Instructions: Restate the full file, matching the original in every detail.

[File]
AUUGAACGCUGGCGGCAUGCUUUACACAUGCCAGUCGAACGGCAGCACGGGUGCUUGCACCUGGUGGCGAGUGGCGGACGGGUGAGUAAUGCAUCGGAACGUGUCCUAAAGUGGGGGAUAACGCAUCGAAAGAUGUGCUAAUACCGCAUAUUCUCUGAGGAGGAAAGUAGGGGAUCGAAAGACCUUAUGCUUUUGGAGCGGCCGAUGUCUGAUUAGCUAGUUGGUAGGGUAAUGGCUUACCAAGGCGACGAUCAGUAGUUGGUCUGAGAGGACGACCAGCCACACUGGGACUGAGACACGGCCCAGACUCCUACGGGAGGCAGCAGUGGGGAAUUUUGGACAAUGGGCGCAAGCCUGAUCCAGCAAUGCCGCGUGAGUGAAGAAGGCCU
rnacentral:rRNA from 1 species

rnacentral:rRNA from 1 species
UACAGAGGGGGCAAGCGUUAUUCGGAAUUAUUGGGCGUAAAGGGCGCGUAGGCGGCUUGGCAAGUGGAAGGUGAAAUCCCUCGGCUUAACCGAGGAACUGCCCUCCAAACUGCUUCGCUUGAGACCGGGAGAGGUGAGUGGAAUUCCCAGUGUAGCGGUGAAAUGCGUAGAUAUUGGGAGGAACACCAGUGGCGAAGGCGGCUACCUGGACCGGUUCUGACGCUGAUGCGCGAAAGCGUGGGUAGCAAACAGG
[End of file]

AUUGAACGCUGGCGGCAUGCUUUACACAUGCCAGUCGAACGGCAGCACGGGUGCUUGCACCUGGUGGCGAGUGGCGGACGGGUGAGUAAUGCAUCGGAACGUGUCCUAAAGUGGGGGAUAACGCAUCGAAAGAUGUGCUAAUACCGCAUAUUCUCUGAGGAGGAAAGUAGGGGAUCGAAAGACCUUAUGCUUUUGGAGCGGCCGAUGUCUGAUUAGCUAGUUGGUAGGGUAAUGGCUUACCAAGGCGACGAUCAGUAGUUGGUCUGAGAGGACGACCAGCCACACUGGGACUGAGACACGGCCCAGACUCCUACGGGAGGCAGCAGUGGGGAAUUUUGGACAAUGGGCGCAAGCCUGAUCCAGCAAUGCCGCGUGAGUGAAGAAGGCCU
rnacentral:rRNA from 1 species

rnacentral:rRNA from 1 species
UACAGAGGGGGCAAGCGUUAUUCGGAAUUAUUGGGCGUAAAGGGCGCGUAGGCGGCUUGGCAAGUGGAAGGUGAAAUCCCUCGGCUUAACCGAGGAACUGCCCUCCAAACUGCUUCGCUUGAGACCGGGAGAGGUGAGUGGAAUUCCCAGUGUAGCGGUGAAAUGCGUAGAUAUUGGGAGGAACACCAGUGGCGAAGGCGGCUACCUGGACCGGUUCUGACGCUGAUGCGCGAAAGCGUGGGUAGCAAACAGG